President-elect Joe Biden’s new COVID relief plan does not adopt existing Democratic legislation to expand government sponsored medical coverage nor does it propose a promised public health insurance option. Instead, it adopts proposals from health insurance lobbying groups’ recent letter to lawmakers demanding lucrative new subsidies for insurance companies, at a moment when those corporations have recorded record profits as millions lose coverage and many face claims denials. Biden’s plan would shovel billions of dollars to private health insurers by providing subsidies for Americans to buy coverage through the Affordable Care Act (ACA) marketplaces, which are far more expensive than government health care programs and have at times been plagued by high rates of claim denials.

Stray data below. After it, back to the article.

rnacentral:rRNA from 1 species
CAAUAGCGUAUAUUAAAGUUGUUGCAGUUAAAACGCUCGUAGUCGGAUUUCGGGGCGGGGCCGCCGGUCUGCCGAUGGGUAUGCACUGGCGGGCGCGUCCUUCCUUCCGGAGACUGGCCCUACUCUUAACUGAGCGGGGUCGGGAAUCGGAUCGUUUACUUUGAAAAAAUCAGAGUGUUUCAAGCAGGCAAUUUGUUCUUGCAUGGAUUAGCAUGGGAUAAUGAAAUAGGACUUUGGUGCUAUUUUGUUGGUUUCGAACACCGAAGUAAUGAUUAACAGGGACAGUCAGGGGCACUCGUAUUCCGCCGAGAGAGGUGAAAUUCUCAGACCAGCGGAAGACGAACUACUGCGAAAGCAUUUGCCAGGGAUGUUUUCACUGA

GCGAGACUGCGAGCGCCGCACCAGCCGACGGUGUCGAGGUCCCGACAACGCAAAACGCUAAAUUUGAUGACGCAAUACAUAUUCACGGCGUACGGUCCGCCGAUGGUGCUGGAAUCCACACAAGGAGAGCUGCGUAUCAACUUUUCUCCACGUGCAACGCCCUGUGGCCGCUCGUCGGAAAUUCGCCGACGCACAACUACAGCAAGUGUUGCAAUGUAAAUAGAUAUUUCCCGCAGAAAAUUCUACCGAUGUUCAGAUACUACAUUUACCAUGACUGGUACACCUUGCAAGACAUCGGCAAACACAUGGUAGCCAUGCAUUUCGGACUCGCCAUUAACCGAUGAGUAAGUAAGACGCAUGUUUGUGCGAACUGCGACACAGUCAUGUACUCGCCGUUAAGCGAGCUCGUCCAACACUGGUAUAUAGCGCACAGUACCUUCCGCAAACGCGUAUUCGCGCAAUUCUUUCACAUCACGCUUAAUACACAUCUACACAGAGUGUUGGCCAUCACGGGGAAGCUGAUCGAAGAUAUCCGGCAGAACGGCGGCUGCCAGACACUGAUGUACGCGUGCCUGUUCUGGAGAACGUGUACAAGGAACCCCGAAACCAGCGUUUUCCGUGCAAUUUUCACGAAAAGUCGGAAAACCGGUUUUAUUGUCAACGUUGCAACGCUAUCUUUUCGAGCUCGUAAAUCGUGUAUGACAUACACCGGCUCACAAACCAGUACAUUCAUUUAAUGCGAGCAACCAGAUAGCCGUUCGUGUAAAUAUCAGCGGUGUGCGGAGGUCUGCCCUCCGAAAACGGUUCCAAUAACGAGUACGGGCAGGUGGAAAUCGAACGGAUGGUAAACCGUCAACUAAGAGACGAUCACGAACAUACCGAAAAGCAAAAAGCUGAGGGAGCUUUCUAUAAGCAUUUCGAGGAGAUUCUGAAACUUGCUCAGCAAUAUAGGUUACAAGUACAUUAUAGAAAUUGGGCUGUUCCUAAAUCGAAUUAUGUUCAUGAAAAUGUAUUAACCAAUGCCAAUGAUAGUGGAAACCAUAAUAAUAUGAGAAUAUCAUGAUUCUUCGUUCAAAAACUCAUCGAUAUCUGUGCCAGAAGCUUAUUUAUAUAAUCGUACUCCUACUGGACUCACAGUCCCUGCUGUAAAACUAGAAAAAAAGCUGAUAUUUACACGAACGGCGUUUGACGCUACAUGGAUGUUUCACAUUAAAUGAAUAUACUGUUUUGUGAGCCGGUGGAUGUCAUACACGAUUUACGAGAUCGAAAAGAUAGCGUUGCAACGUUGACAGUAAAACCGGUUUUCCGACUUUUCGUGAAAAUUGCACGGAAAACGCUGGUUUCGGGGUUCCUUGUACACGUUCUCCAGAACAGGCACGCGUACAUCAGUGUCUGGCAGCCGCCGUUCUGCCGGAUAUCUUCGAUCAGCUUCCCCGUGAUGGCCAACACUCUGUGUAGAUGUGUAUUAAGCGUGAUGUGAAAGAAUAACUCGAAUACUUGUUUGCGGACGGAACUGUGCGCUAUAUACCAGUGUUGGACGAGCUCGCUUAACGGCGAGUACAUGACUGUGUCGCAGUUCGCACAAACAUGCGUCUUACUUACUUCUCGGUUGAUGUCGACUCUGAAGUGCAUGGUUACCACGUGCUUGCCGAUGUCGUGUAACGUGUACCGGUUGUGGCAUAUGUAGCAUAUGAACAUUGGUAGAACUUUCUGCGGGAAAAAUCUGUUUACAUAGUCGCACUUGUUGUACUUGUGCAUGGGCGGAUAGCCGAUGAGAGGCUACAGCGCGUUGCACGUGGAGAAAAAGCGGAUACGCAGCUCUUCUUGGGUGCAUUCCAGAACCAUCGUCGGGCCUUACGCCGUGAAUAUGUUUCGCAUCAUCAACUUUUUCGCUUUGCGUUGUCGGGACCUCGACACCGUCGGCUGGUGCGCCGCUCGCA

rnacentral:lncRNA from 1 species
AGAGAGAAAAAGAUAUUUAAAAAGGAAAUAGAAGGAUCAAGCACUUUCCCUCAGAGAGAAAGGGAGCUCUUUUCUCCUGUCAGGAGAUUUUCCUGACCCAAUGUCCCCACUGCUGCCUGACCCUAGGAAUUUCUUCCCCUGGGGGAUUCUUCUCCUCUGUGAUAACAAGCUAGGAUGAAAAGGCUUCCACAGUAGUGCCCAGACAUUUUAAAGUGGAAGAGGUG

Today we face the COVID-19 pandemic, with its resultant economic downturn and systemic racism—the triple crises that have exposed the serious problems of U. S. health care. It is now obvious to most observers that the system is broken, raising the question of how it can be put together through the political process after a hotly contested election season filled with disinformation and confusion about potential reform alternatives. Corporatization, privatization, a shift from not-for-profit to for-profit health care, and the growth of investor-owned corporate health care have been dominant themes in the transformation of U. S. health care since the 1980s.